During the presentation she also indicated that the URA’s goals are 18 percent MBE and 7 percent WBE utilization on construction and professional services contracts.
Area certification entities include the Pennsylvania Unified Certification Program, the Eastern Minority Supplier Diversity Council, the Women Business Enterprise Council, the Section 3 Business Concern through the Housing and Urban Development and the PA Department of General Services. Programs through the Small Business Administration include 8A Business Development, HubZones and Economically Disadvantaged Businesses.
Walker pointed out that the URA’s MWDBE Program Office serves as a central point of contact for diverse companies looking to do business with the URA and helps firms navigate the MWDBE certification process. Sensitive to the needs and situations of some businesses aiming to do business with them, she indicated that they take into consideration businesses that aren’t certified but going through the process. “We offer a notary certification process that enables companies to do business with us while going through the process,” Walker said, who strongly encourages businesses to contact her office.
“Minority-owned businesses are the fastest growing segment of the economy. They have been responsible for over 73 percent of new jobs added to the economy since the great recession,” Valarie J. Cofield, president and CEO of EMSDC, reported during their first quarter 2020 kickoff meeting. “This analysis provides an assessment of the impact of EMSDC’s certified MBEs on the U.S. economy. The MBEs create jobs and help create wealth in their communities.”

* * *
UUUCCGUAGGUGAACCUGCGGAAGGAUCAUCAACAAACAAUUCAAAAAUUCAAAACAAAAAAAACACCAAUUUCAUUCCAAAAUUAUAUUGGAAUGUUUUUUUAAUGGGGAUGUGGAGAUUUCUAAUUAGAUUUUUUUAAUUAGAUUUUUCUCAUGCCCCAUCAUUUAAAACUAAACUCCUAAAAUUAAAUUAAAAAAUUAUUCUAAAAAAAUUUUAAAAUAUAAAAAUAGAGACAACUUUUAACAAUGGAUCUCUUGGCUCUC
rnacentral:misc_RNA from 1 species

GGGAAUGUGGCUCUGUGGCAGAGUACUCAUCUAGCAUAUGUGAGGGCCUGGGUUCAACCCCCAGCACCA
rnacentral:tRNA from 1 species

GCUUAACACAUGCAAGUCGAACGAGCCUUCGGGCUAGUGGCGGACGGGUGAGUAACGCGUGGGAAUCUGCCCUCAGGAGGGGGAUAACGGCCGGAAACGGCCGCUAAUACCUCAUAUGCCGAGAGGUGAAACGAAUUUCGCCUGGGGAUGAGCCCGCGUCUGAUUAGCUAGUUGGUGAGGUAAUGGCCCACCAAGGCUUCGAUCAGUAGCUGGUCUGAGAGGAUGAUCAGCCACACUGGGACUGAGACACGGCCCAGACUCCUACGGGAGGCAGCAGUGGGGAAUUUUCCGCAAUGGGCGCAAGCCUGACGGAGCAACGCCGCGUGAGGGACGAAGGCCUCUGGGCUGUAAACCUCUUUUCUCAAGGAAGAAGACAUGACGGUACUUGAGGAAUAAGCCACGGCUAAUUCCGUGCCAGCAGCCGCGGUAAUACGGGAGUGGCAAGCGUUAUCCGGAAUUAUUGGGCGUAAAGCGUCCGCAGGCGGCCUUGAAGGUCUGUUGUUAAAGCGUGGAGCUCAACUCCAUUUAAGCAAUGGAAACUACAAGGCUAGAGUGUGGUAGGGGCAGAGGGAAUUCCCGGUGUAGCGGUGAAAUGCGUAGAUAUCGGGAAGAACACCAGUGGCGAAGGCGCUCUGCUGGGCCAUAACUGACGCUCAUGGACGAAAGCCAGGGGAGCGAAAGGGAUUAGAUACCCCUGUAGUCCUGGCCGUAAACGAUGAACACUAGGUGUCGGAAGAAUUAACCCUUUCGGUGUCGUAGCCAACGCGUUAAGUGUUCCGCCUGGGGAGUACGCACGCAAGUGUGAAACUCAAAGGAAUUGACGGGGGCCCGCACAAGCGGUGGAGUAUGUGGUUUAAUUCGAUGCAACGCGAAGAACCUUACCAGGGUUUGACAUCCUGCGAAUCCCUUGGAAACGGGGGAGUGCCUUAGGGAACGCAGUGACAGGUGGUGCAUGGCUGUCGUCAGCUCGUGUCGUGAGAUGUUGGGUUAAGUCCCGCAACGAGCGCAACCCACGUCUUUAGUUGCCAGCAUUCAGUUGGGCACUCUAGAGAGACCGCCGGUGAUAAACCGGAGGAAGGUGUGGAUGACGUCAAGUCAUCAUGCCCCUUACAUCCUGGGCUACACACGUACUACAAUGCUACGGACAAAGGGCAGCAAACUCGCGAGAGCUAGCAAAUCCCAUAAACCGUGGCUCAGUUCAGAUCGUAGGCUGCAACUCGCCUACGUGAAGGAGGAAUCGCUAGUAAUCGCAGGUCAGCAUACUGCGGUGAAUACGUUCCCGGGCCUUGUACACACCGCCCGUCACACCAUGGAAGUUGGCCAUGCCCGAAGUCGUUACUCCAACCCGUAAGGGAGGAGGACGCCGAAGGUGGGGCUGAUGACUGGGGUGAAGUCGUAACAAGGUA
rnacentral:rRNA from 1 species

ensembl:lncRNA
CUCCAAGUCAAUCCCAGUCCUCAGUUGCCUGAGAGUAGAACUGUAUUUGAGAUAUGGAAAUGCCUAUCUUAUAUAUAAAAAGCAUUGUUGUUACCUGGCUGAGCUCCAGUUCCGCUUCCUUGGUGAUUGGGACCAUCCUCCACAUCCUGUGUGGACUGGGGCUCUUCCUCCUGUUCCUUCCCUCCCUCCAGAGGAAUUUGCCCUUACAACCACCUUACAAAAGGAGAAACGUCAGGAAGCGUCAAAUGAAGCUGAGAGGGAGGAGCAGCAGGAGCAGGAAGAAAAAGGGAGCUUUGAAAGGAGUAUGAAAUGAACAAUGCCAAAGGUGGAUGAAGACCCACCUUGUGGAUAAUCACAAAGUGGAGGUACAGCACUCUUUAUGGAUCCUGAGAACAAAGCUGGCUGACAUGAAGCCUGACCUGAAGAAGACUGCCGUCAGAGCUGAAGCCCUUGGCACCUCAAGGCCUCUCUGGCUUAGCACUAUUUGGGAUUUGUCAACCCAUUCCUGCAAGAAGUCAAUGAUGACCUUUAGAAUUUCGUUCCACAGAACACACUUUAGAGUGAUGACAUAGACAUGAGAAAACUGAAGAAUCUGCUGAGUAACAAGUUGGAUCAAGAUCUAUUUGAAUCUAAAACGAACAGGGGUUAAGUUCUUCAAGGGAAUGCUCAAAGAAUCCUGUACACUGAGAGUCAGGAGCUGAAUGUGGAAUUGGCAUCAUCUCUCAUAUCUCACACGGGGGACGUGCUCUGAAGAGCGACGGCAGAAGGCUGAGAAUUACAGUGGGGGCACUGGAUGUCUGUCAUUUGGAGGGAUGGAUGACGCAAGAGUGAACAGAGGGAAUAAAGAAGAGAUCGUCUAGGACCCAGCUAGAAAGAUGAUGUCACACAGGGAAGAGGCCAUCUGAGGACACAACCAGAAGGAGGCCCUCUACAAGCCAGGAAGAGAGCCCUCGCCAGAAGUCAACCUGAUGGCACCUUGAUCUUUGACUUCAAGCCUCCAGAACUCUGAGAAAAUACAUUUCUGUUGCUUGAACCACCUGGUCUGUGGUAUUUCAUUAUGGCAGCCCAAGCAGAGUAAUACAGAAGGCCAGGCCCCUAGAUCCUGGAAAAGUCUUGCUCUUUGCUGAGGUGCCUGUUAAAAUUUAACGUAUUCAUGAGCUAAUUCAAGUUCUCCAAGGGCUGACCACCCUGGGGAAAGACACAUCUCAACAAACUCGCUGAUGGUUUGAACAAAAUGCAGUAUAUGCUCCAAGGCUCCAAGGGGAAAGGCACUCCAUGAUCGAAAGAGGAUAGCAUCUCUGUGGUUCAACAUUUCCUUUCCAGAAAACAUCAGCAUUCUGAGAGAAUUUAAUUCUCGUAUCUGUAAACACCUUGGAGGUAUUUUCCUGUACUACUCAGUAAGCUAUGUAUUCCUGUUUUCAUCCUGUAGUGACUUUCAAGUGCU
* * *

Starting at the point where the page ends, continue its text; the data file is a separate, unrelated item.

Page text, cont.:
In other matters, Cofield also announced that Tricina Cash had been hired as Vice President, Strategic Partnerships and Corporate Relations for EMSDC, and that their partnership with UPMC, a long-standing supporter of the Council, is continuing.
“UPMC is a leader in supplier diversity, and always pushing the bar in terms of making sure that there are opportunities to engage with diverse suppliers. They are the largest employer in the state of Pennsylvania and leading the way in terms of opportunities and reflecting the communities that they serve, but more importantly of making sure that your voice is heard and your businesses are presented with the opportunity to engage with their decision-makers,” Cofield said. “We are excited to be working with Dr. George Robinson.”
Dr. Robinson was recently appointed Director of Supplier Diversity and Inclusion Supply Chain Management at UPMC.
UPMC’s Supplier Diversity Program is designed to provide minority, woman-owned, and disadvantaged businesses, LGTBQ and Veteran-owned vendors equal access to procurement opportunities. The program ensures that certified diverse business partners are provided the maximum opportunity to participate as partners and suppliers of goods and services to UPMC.
(ABOUT THE TOP PHOTO: LOVER OF ALL THINGS DIGITAL—Google Digital Coach and the Power Collective owner, Kyshira Moffett, teaching one in a series of many Google workshops.—Photos by Diane I. Daniels)